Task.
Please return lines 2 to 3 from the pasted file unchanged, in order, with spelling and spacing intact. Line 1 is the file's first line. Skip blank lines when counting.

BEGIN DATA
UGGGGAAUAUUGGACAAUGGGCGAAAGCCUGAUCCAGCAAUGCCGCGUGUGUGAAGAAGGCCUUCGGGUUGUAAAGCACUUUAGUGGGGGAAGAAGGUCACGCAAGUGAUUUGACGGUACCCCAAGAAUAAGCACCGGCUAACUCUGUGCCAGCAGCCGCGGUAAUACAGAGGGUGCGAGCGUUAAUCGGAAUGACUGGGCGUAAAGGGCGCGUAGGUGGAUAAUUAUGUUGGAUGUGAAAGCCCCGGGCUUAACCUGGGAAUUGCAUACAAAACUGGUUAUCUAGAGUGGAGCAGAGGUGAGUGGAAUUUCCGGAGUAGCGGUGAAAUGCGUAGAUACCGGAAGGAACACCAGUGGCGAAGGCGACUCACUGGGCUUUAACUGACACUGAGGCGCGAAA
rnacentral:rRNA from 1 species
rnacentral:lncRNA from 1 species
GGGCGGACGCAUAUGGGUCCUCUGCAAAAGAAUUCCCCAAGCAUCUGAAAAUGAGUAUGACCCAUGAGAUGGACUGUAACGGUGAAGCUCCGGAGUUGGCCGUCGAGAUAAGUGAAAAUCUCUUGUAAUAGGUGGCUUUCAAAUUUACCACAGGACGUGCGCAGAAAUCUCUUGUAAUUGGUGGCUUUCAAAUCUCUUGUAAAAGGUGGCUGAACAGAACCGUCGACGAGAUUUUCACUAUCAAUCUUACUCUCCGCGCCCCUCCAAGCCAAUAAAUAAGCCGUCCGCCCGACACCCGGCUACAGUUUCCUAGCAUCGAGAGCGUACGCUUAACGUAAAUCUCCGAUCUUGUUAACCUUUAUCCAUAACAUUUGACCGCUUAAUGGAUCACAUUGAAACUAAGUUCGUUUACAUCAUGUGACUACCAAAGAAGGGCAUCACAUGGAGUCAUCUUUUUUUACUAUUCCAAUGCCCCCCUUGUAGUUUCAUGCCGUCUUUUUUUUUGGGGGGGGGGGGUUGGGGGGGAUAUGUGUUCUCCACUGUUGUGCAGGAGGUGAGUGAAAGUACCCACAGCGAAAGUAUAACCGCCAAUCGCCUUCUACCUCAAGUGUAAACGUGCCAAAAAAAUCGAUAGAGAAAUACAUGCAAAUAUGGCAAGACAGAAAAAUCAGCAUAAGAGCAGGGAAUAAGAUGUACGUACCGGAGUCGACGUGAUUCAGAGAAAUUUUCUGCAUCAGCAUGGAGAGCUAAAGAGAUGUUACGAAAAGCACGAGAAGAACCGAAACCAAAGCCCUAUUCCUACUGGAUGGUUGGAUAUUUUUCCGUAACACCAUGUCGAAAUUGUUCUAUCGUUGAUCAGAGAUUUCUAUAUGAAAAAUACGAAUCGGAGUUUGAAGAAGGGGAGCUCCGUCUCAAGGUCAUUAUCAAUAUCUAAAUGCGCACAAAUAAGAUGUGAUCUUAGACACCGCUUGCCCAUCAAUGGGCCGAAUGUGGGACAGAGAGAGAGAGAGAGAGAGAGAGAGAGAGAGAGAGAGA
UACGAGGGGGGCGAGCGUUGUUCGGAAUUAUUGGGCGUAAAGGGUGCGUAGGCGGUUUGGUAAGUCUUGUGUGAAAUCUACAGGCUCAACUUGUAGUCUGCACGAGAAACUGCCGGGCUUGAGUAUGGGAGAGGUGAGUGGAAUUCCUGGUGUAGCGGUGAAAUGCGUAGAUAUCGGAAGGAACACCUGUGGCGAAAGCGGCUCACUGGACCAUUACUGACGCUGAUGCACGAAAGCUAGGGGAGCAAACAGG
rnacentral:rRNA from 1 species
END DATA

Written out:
rnacentral:rRNA from 1 species
rnacentral:lncRNA from 1 species